Ma was crying. Harrison and I heard her when we were fighting over whose turn it was for the only working Nintendo controller. At first it sounded like the neighbor’s dog yipping, but it got louder and steadier. I threw down the controller and Harrison followed behind me. Sitting on the toilet with the lid closed, her head in her hands, she was itching, pulling at the short black strands. Red bumps were visible across her scalp and the nape of her neck. Snot and tears dripped down her face, over her lips, and onto the front of her white shirt. I stood in the doorframe, afraid to go near her. I had only seen her like this one other time—when we stopped seeing Daddy, or he stopped seeing us.

“They won’t go away.” She sobbed into her hands, gargling a bit.

“What, Ma?”

“They just won’t go away.”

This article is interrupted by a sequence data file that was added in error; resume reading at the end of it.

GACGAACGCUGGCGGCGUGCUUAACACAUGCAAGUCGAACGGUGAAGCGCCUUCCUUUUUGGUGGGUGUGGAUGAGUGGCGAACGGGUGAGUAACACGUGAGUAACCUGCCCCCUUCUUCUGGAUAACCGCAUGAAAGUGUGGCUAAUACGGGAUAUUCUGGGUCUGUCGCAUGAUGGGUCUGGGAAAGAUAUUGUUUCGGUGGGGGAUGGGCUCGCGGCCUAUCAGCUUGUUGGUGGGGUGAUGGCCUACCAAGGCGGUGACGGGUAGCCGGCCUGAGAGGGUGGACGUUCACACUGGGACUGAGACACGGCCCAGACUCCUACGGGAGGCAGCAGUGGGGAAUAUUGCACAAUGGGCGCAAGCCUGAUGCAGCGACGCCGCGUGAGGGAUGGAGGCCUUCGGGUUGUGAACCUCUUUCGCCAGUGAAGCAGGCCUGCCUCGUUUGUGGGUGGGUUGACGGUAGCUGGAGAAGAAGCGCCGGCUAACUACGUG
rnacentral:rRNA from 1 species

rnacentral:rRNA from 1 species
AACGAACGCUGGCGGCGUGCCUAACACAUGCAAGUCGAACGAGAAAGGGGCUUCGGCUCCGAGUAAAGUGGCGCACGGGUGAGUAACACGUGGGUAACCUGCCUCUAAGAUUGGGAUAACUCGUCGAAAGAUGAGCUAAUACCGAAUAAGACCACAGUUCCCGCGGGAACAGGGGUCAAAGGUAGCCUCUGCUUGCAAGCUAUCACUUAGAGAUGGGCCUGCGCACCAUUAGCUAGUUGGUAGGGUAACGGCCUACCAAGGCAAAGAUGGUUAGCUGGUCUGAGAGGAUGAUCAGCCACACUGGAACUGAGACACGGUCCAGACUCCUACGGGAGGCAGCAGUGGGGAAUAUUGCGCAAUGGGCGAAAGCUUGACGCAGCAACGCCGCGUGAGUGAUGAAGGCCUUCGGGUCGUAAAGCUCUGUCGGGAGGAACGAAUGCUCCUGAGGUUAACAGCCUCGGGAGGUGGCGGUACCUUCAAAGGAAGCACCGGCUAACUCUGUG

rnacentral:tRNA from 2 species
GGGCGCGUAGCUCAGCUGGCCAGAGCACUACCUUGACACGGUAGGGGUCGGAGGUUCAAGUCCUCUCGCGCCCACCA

Harrison stood behind me. As I turned to look at him, his dark eyes filled with tears which lingered inside, not dripping, just resting above his bottom lashes. The reflection of the pink bathroom was barely visible in those dark eyes and then I was back to seeing Ma, alone, on the toilet with black hairs across the floor and in her lap. I wanted to scream at him to leave, to walk home, take a bus, find some way to get out of our lives, but instead I just told him to watch her while I ran to the kitchen and did what I was never supposed to do—I called Great-Grandma.